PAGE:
With Celebrity Big Brother out of the way, and a new series of regular Big Brother about to start, what can the viewer expect from Channel 5's take on the worldwide phenomenon?
According to spinoff show Bit on the Side, 14 housemates will enter the house on Friday. There will be seven men and seven women, with an age range of 18 - 30. At first glance, there don't appear to be any contestants from Scotland, Wales or Ireland. There will also be some "cosmetic changes" made to the house.
There won't be any live feed. Channel 5 is convinced that prioritising social media is the way to get people involved in the show, despite the fact that negative comments are quickly removed from the dedicated Facebook page, with members complaining they've been blocked and even banned from Facebook altogether as a result of posting polite criticism or requests for live streaming. Viewing figures will tell if Channel 5 is correct.
Celebrity Big Brother has been a ratings success for the channel. With an average of 2.6 million viewers, and a 12.1% share of all TV viewers in its timeslot, Richard Desmond will no doubt be pleased. The show has done well in attracting the desired 16- to 34-year-old key demographic, with 1.8 million at its peak and 481,000 at its lowest.
There are questions whether or not these figures can be sustained. Celebrity Big Brother has the benefit of attracting the fans of the housemates. The audience feels they already know the celebrities, at least to a certain extent, and if not they'll have heard of some of them. Though impressions might change in favour or against a housemate, that recognition is important. A Jedward fan, for example, will have tuned in to see the boys and watch their antics throughout the weeks, because that's how being a fan works.
The new batch of housemates won't have this appeal. They'll have the backing of family and friends and acquaintances, but the general public has never heard of them. Without live streaming, it will be difficult to get to know them. Over three weeks of Celebrity Big Brother, less than a day's worth of footage has been released. That's compared to the 500+ hours which would otherwise have been on offer. Presumably, that's why Channel 5 and Endemol have opted for nametags.
There are not so subtle hints that the producers have decided to emulate The Only Way Is Essex, and with TOWIE's Bafta success this is, perhaps, understandable. Except that Big Brother isn't TOWIE, and it shouldn't try to be. Jeff Ford may think that the show is no longer a social experiment, that it has evolved into an entertainment show, but the social experiment aspect does still appeal to its loyal viewers.
Quite a number of these viewers will be over the age of 30, so it remains to be seen if a younger group of housemates will grab their interest. Celebrity Hijack, which had a young set of housemates, is generally considered to be a pretty decent chapter in Big Brother history. However, like CBB it was only on air for a few weeks and it did have the added bonus of various celebrities popping in to run the house and set tasks.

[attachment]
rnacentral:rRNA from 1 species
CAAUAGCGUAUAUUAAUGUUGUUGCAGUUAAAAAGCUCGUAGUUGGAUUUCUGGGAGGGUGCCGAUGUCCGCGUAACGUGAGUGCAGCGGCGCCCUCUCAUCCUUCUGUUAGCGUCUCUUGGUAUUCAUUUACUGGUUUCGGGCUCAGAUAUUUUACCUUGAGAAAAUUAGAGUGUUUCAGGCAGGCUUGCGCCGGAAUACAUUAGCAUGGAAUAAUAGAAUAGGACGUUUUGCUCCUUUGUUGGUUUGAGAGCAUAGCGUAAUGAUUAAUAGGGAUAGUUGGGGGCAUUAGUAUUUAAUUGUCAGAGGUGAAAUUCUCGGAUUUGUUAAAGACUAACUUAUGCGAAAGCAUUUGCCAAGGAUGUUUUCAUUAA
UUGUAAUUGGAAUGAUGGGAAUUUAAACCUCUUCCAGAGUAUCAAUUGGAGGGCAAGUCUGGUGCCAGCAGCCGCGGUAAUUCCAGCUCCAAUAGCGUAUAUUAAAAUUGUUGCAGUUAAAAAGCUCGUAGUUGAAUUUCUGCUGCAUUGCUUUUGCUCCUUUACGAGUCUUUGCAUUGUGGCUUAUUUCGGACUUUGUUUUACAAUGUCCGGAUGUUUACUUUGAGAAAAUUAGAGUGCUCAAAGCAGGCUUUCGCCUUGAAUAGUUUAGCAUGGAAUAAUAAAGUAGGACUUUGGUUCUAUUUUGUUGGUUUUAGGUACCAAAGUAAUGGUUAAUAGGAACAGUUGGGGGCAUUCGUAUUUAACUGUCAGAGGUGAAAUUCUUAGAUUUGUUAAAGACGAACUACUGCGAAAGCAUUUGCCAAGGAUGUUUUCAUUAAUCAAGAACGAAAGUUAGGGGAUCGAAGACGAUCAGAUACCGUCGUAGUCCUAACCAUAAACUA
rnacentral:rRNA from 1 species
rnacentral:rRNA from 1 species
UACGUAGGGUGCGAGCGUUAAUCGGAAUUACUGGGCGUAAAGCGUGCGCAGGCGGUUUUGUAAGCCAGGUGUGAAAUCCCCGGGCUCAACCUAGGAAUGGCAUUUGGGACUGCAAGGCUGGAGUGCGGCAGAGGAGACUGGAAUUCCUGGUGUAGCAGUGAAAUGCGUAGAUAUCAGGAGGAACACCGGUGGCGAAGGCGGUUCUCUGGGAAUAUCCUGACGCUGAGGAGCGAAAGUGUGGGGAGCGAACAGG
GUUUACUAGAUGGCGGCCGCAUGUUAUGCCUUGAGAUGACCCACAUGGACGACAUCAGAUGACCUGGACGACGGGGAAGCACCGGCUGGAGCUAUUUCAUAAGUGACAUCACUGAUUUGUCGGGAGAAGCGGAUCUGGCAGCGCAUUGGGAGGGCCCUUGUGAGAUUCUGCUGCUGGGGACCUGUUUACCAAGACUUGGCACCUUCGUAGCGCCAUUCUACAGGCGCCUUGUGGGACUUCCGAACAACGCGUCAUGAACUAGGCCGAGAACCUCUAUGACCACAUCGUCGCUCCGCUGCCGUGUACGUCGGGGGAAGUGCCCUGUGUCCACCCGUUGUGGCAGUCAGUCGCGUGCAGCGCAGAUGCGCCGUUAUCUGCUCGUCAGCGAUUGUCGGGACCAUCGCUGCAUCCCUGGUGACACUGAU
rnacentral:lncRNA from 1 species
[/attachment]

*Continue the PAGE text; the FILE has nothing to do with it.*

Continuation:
Older housemates have, in the past, become viewer favourites. Marcus Akin, aka the Irrepressible Dark Horse, definitely wasn't a boring, old wallflower. Many enjoyed watching the likes of Stephanie Beacham, Ivana Trump, and Vinnie Jones. Alex Reid was over the age of 30 when he won CBB in 2010.
Much will depend on the personalities of the new housemates. If Endemol has chosen the right mix, the series might prove interesting. If they realise that viewer interaction and appreciation is about more than the occasional Facebook clip and Twitter update, they might maintain their audience. The regular series is a lengthy one, and without the ability to form an attachment to the housemates, no matter how wonderful they are, viewer numbers are likely to drop.
Even during the three week run of CBB, several viewers admitted that the only reason they were still watching was because of Big Brother's Bit On The Radio, an entertaining, unofficial broadcast which has managed to attract an increasing amount of enthusiastic listeners. The hosts encourage interaction between their audience and themselves, with invites to call in, chatroom engagement, Twitter interaction and more than just a form letter response to emails. Contrasting viewpoints are welcomed and discussed. Someone, somewhere, could learn from that.
Channel 5 could also learn from the way Big Brother is run in the USA. They've made a success of a combination of social media and the live feed. The current run was up 13% in adults 18-49, 24/7 feed subscribers are up 10% from last summer, and of those, 25% also pay for mobile access so they can watch even when they are away from a computer.
Will the regular series succeed against the odds? We'll know in a few weeks' time. If viewing figures are showing a drastic drop, the producers might want to reconsider their strategy. If viewing figures remain relatively stable, critics might have to concede that the show has successfully moved on.
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